Fasting has a profound impact on GH synthesis, and is released in all mammalian species that have been studied. The male rat has long been used as a model to determine the mechanism on how fasting mediates these changes. However, many aspects of GH synthesis, release and function are known to be gender-dependent. This study was conducted in order to determine if changes in the GH-axis, in response to fasting, differs between the sexes. METHODS: Male and female rats (8~9 weeks; n=5/group) were fasted for 72h, or supplied food ad libitum. The mean circulating serum GH and IGF-I concentrations were measured by radioimmunoassay. The levels of hypothalamic GH-releasing hormone (GHRH), somatostatin (SRIF), neuropeptide Y (NPY) and pituitary GH mRNA were measured using an RNase protection assay. The levels of pituitary GHRH receptor (GHRH-R), GH secretagogue (GHS) receptor (GHS-R) and SRIF receptor (sst1-5) mRNA were measured by reverse transcription-polymerase chain reaction (RT-PCR). RESULTS: Fasting resulted in a comparable weight loss in both the males and the females, (18.0+/-0.9%) and (17.0 0.8%), respectively. In the fasted males, there was a characteristic decrease in the serum GH (98 60 vs. 7 4 ng/mL) and IGF-I (367 35 vs 152 12 ng/mL), associated with a decrease in the hypothalamic GHRH, and an increase in the NPY mRNA, levels of 52 6% and 138 6%, respectively, compared to those of the fed controls (p<0.05). In spite of the reduction in the GHRH, fasting did not alter the levels of the pituitary GH mRNA, and in fact increased the expression of the pituitary receptors, GHRH-R and GHS-R, to 185 15 and 169 25%, respectively, to those of the fed controls. In contrast to the positive impact of fasting on the GH-stimulatory receptors, fasting led to a dramatic decrease in the expressions of the somatostatin receptor subtypes, sst2 (29+/-5% of Fed) and sst4 (60+/-7% of Fed). Fasting had comparable effects on the GH-axis of the female rats, with two notable exceptions; first, fasting did not suppress the mean circulating GH levels (16 3 vs. 38 28 ng/mL) and second, did not alter the sst2 and sst4 expressions. CONCLUSION: These results corroborate the other reports regarding the effects of fasting on the expressions of hypothalamic neuropeptides, pituitary GHRH-R and sst2, in male rats. This is the first report demonstrating that fasting stimulates the expression of pituitary GHS-R in both sexes. This is of great interest given the fact that ghrelin, the putative GHS-R ligand, is also elevated by fasting. We propose that the upregulation of both ghrelin and GHS-R may play important roles in increasing the sensitivity of the pituitary to GHRH, in that these GH-stimulatory systems work synergistically. These changes may compensate for the fasting-induced suppression of hypothalamic GHRH input. We might speculate that such compensatory mechanisms are dominant in the female rat, in that circulating GH levels are not suppressed by fasting.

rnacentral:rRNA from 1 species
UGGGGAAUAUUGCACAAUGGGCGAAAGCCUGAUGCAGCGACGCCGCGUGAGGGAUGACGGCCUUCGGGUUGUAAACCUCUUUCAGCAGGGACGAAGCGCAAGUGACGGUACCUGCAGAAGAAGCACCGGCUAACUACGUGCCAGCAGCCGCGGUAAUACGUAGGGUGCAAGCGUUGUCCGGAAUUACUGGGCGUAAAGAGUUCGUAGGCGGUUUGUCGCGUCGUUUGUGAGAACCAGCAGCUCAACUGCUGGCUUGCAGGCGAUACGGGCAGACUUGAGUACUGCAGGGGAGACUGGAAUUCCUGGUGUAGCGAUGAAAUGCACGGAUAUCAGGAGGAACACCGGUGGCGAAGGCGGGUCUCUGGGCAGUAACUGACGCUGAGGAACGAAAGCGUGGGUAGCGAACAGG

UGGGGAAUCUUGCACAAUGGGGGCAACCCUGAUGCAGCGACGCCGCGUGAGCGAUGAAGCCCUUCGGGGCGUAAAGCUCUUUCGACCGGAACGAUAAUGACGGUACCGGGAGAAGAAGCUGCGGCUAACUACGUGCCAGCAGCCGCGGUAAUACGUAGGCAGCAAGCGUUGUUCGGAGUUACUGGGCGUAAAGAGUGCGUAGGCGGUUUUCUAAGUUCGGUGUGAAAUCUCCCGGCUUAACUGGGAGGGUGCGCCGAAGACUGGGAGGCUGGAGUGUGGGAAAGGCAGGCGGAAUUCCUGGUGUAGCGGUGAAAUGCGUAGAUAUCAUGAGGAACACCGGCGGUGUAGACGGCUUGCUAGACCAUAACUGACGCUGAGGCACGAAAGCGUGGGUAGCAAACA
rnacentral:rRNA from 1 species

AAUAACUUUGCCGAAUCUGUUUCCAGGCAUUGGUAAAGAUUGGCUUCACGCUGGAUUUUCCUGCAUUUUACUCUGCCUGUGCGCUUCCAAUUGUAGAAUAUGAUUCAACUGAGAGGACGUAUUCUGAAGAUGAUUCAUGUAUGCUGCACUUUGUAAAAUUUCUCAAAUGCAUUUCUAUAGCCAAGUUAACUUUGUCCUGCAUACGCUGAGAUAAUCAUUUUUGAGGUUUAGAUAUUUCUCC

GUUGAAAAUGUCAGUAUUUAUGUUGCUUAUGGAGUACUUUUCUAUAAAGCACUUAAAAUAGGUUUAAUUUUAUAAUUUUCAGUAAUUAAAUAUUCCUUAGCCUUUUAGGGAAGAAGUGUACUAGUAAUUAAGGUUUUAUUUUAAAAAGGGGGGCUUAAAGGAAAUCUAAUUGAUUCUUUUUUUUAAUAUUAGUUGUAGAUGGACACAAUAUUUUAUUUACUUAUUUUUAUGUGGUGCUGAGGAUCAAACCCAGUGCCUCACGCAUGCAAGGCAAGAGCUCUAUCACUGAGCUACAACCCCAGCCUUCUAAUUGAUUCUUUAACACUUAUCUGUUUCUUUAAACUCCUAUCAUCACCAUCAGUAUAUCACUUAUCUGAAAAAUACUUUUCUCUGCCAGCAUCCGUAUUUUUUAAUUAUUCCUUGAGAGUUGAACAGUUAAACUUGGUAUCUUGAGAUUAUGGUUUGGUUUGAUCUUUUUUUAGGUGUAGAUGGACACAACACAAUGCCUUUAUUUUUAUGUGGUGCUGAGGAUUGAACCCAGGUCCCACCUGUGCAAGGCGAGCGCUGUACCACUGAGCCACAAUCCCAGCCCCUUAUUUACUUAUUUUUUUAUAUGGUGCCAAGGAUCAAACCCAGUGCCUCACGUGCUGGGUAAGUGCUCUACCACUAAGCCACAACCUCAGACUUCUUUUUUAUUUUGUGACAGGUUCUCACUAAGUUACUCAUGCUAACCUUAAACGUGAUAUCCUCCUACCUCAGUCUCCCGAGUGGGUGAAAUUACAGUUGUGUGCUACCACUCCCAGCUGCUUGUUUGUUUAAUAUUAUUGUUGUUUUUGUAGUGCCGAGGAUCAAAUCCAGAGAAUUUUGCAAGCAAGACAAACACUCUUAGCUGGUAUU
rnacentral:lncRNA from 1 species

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Endocrinol Metab : Endocrinology and Metabolism